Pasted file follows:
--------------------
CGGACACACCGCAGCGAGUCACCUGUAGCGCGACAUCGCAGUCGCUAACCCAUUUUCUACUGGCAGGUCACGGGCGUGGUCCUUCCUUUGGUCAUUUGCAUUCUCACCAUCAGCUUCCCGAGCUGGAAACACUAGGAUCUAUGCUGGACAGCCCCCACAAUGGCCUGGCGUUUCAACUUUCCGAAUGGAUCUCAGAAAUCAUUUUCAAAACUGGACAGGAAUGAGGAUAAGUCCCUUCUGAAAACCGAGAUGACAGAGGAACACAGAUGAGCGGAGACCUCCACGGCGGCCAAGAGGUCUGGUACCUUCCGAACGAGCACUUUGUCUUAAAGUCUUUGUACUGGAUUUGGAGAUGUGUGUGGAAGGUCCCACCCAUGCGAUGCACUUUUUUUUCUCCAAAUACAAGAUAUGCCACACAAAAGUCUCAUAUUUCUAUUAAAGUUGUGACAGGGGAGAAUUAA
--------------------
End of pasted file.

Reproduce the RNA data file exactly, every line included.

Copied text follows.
CGGACACACCGCAGCGAGUCACCUGUAGCGCGACAUCGCAGUCGCUAACCCAUUUUCUACUGGCAGGUCACGGGCGUGGUCCUUCCUUUGGUCAUUUGCAUUCUCACCAUCAGCUUCCCGAGCUGGAAACACUAGGAUCUAUGCUGGACAGCCCCCACAAUGGCCUGGCGUUUCAACUUUCCGAAUGGAUCUCAGAAAUCAUUUUCAAAACUGGACAGGAAUGAGGAUAAGUCCCUUCUGAAAACCGAGAUGACAGAGGAACACAGAUGAGCGGAGACCUCCACGGCGGCCAAGAGGUCUGGUACCUUCCGAACGAGCACUUUGUCUUAAAGUCUUUGUACUGGAUUUGGAGAUGUGUGUGGAAGGUCCCACCCAUGCGAUGCACUUUUUUUUCUCCAAAUACAAGAUAUGCCACACAAAAGUCUCAUAUUUCUAUUAAAGUUGUGACAGGGGAGAAUUAA